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Skywatching

Learning more about 'white dwarf' stars

'White dwarf' stopwatches

It might be surprising that “white dwarf” stars, the relics of stars like our Sun that have run out of fuel, are useful cosmic stopwatches.

The resulting objects are about the size of the Earth, but still with almost the mass of the star. They are white hot, around 10,000 C, which is why these stars are known as white dwarfs.

With no source of energy, their fate is to radiate away all their heat, ending up as cold, dark cinders. However, this takes an extremely long time.

Assuming a white dwarf started off with a temperature of around 10,000 C, we can measure what that temperature has fallen to now and calculate how long ago that star became a white dwarf. That means we can estimate the ages of things containing white dwarf stars.

For example, the Hubble Space Telescope has detected many white dwarf stars in the central regions of our galaxy. These stars are around 13 billion years old, confirming other estimates of the age of the Milky Way—13.6 billion years.

A lot of astronomical attention is being paid to a pair of recently discovered white dwarf stars, poetically named WD J2147-4035 and WD J1922+0233, which have cooled to about 3,000 C and 3,300 C respectively.

From that, we estimate the first of those stars became a white dwarf around 10 billion years ago and the second roughly nine billion years ago.

If the stars that became these white dwarfs were like the Sun, then those stars would have formed a few billion years earlier, which brings them fairly close to the beginning of the universe.

This is particularly intriguing because it looks as though these stars had planet and because the light from those white dwarfs carries the signatures of elements such as potassium, calcium and lithium.

The only way they could have collected them is through the debris of destroyed planets falling onto their surfaces. The evidence is subtle, but detecting it was made easier because, unlike those white dwarfs the HST observed around the centre of our galaxy some 26,000 light years away, this pair of stars lie close by, around 100 light years away.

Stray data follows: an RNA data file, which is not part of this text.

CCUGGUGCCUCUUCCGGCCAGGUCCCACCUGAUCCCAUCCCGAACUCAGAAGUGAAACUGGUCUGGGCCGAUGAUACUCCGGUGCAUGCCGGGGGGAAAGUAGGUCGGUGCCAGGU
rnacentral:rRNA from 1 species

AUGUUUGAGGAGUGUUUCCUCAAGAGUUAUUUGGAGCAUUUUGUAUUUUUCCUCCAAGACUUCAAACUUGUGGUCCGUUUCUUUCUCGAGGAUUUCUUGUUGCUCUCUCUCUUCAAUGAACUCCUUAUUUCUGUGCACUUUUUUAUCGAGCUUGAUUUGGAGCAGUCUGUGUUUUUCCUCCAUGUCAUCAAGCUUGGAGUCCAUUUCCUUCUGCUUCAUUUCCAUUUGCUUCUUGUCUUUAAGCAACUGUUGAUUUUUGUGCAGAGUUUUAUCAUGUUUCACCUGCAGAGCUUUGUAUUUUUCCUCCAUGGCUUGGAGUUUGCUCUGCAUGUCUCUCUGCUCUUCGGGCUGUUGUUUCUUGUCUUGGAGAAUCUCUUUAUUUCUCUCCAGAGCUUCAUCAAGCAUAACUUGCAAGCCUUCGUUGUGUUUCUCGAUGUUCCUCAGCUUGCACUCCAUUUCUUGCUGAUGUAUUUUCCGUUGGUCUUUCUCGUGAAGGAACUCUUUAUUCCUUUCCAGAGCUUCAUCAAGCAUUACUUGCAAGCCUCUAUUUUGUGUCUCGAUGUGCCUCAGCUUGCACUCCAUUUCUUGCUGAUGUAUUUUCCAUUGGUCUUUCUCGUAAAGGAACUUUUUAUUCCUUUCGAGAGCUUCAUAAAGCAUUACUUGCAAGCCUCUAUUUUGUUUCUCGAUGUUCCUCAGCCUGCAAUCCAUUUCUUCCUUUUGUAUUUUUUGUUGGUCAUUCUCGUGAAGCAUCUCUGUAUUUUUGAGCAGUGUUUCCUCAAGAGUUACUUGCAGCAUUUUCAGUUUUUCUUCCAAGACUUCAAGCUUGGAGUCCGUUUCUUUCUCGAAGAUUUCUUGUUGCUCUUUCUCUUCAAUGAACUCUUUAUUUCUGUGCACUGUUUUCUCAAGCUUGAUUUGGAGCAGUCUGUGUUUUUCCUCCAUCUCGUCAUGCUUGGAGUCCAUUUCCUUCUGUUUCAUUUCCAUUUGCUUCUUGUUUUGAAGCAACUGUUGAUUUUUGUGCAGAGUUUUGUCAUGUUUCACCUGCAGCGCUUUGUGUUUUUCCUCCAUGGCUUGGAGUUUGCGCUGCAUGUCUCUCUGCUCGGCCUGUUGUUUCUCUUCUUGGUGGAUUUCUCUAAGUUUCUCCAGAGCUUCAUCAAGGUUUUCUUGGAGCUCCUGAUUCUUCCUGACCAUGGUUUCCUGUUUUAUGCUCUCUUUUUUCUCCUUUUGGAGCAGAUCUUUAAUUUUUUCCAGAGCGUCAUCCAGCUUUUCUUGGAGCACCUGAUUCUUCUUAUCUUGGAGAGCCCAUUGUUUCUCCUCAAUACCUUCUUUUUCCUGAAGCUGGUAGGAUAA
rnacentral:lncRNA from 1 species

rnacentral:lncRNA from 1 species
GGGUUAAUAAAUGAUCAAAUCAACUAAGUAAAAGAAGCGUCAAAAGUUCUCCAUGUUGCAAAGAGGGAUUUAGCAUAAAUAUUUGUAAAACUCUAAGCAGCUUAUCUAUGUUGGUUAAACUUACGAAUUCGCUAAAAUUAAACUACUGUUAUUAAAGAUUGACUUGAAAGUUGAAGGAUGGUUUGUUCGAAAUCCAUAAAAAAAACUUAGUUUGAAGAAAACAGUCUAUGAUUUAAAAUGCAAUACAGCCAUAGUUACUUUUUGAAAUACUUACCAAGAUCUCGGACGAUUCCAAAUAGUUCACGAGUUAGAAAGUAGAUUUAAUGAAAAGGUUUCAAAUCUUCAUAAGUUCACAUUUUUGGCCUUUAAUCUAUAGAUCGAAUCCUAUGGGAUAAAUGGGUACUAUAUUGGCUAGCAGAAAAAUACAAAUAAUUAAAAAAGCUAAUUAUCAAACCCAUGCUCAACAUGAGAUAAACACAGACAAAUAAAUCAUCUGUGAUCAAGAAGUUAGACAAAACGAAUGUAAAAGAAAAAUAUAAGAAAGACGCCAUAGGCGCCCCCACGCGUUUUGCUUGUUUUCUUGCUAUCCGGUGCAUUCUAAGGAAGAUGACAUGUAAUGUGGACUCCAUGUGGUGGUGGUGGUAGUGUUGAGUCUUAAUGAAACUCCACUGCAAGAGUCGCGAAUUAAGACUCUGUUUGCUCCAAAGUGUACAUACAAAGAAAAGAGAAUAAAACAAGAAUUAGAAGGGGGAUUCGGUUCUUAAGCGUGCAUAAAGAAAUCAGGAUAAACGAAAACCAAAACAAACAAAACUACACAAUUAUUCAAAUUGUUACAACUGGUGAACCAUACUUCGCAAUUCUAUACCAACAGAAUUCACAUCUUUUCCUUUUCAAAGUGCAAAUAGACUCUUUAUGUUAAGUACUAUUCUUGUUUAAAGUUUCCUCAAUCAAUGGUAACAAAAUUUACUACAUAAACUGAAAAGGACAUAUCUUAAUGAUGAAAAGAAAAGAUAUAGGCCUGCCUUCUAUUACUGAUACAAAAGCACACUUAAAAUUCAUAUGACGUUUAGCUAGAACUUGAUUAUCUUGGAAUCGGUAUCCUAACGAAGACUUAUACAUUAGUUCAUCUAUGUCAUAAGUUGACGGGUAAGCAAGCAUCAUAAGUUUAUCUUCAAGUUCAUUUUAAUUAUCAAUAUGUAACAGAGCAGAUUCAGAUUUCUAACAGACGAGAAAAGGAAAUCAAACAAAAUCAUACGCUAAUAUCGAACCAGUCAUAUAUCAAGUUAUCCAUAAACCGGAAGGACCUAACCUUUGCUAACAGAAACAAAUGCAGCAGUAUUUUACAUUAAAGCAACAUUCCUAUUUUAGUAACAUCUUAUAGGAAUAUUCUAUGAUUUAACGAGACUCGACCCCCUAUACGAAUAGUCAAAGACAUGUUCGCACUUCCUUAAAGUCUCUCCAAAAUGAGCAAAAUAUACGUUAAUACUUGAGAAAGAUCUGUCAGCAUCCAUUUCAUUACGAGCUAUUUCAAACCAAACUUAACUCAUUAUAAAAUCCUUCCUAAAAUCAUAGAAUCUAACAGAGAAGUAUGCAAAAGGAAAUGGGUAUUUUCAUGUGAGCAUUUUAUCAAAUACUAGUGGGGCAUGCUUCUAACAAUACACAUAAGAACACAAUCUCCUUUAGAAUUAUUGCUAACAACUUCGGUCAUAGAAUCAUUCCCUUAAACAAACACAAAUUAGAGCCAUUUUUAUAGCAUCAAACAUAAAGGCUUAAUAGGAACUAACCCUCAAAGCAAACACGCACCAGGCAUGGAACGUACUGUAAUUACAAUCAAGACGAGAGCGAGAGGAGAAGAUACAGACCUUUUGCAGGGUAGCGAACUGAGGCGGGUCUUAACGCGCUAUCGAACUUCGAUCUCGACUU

That means their light is strong enough for subtle indications of elements to be detected, with no confusion with the light from other stars nearby.

Galaxies form through the coalescence of smaller galaxies. During that process collisions between gas clouds stimulate the formation of lots of stars. Some of those stars would have had masses many times that of the Sun, and would have blown themselves up within a few million years.

The lower-mass stars became white dwarfs, which is why they can tell us the age of the Milky Way. However, it is really intriguing that at least two white dwarfs from stars that must have been among the first in our galaxy had planets.

To make planets you need elements like silicon, oxygen, iron, phosphorus and all the others. These did not exist when the universe began, just under 14 billion years ago.

The only elements available were hydrogen and helium. Luckily these are all you need to make stars. All the other elements are produced as waste products by the process of energy production in the stars, and distributed into space when these stars exploded at the ends of their lives.

We believe those early stars were supermassive, blue giants, which had very short lives—maybe a million years or two before exploding. That the two white dwarfs formed nine and 10 billion years ago, from sunlike stars with planets, suggests the raw materials needed for making planets existed soon after the first stars formed.

There is a downside to observing white dwarfs. Because they ration their energy radiation over many billions of years, they are incredibly dim.

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After sunset, Jupiter lies in the south-east and Saturn in the south. Mars rises later. The Moon will be new on Nov. 23.

This article is written by or on behalf of an outsourced columnist and does not necessarily reflect the views of Castanet.



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About the Author

Ken Tapping is an astronomer born in the U.K. He has been with the National Research Council since 1975 and moved to the Okanagan in 1990.  

He plays guitar with a couple of local jazz bands and has written weekly astronomy articles since 1992. 

Tapping has a doctorate from the University of Utrecht in The Netherlands.

[email protected]



The views expressed are strictly those of the author and not necessarily those of Castanet. Castanet does not warrant the contents.

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